Wednesday, November 12, 2008

GumboWriters Interview with Penguin Editor, Stacey Barney

  • How did you get your start as an editor?

 I was a high school English teacher for 5 years unhappy with the lack of books available that represented the cohort I taught.  At the same time, I was in Grad School for my MFA, and took a few publishing courses while there.  Through those classes I discovered a whole new career path I didn't know was available to me. 

  • What are some of the exciting books you've acquired that you're most proud of?

 I'm proud of all my books.  My job is truly a labor of love.  I've been lucky enough to work on both the adult and children's side of the business with some very talented and dedicated writers.  While I can't mention all the books I've acquired and worked on by name, a few highlights are Obama: From Promise to Power by David Mendell, This Voice in My Heart: A Genocide Survivor's Story of Escape, Faith, and Forgiveness, and on the children's side the Drama High Series for which I was the original acquiring editor.  Upcoming I have some real gems that include a middle grade novel that is truly Huck Finn meets To Kill a Mockingbird.  It's titled The Best Bad Luck I Ever Had and follows the unlikely friendship of a white farm boy and an African American city girl in 1917 small town Alabama .  Next summer, I'm publishing a YA novel titled Donut Days about the daughter of evangelical ministers who is struggling with issues of faith and family.  And next fall, I'm publishing a book that's very special to me as it marks the return of Linda Beatrice Brown who authored the critically acclaimed Crossing Over Jordan; The Washington Post Book World raved about this book calling it "a rewarding journey…[one that] leaves the reader breathless."  Her new book is titled Black Angels and is just as rewarding and poignant a journey.  It follows the bond formed by three unrelated children—2 black and former slaves and the white son of a plantation owner—who are displaced by the Civil War and their struggle to survive.  And the bond they form is stronger than family.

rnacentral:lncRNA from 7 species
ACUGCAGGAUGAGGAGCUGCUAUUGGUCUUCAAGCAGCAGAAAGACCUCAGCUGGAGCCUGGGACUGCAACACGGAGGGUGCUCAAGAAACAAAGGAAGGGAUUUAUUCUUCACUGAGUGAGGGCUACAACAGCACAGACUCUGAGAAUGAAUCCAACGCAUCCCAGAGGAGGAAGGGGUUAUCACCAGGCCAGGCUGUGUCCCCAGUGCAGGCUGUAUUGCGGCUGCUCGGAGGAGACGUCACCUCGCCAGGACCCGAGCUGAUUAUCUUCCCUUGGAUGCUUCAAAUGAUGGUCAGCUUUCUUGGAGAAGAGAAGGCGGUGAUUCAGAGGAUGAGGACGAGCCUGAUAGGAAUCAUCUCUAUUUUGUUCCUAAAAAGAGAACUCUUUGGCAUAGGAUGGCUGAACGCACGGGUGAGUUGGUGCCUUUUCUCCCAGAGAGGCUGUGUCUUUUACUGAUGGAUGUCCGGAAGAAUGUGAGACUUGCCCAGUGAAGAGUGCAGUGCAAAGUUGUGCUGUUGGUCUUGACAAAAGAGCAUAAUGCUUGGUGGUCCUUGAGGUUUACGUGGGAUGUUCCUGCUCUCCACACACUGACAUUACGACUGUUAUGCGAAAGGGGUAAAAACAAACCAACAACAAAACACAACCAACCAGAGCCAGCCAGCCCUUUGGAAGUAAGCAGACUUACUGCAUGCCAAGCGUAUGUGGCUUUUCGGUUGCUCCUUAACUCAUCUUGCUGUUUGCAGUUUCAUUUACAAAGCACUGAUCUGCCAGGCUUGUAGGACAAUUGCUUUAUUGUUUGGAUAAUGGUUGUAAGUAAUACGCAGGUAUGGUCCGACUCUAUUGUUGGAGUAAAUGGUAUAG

• When you receive a submission what about it really grabs you and excites you to the point that you'd like to acquire it? 

 I love working with new writers, and I love when I'm grabbed by a wholly, deliciously, fresh voice from page one.  I fall for those manuscripts that have that IT factor and make it impossible for me to put down.  For me, it usually starts with a wonderful voice that reads distinctly and leaps off the page from word one.  Beyond the voice, I also love inventive stories.  I think the saying is there's only been seven stories ever told.  To some extent I believe that's true, but I love a writer that can reinvent the wheel so to speak in new and exciting ways. 

  • What makes you decide to read a submission overnight compared to it rotting on the bottom of your slush pile?

 A lot of factors.  Is it written by an author I already have under contract?  Is the agent a friend that I'd like to keep, and one that has my home # and can harass me on a Saturday if need be?  But an agent's pitch will almost always set the tone.  Agents want to remain credible, so when they are agents I've worked with before or who have a certain reputation for quality and they tell me they think this will move quickly, I'll likely take it home the same night to read. 

  • What's the best way for a writer to contact you? Query letter?

 Writers can email me a query letter, though, admittedly, my response time for unsolicited queries or manuscripts has slowed down dramatically as I work with the writers already on my list. 

  • Are you open to receiving submissions from self-published authors?

 I am open to receiving submissions from any one as long as the author has done their due diligence and research to ensure they are sending me a project that may truly be a match for me.  I don't respond well or at all to the throwing a dart randomly out into the world mentality.

  • Are you open to receiving unagented submissions?

 I am open to receiving unagented submissions, but again, my response time has slowed, so I ask those authors to be patient. 

  • What are you personally doing in order to adapt to the changes in the marketplace? (Changes meaning: lower print runs, shrinking book review outlets, over saturated market and chains stores being more selective about what books they put on their shelves)

Ultimately, I'm acquiring less and less books and giving greater focus to growing the authors I already have made a commitment to. 

Jeff Rivera: If you need help with your book promotion contact and we'll find a way to help you within your budget.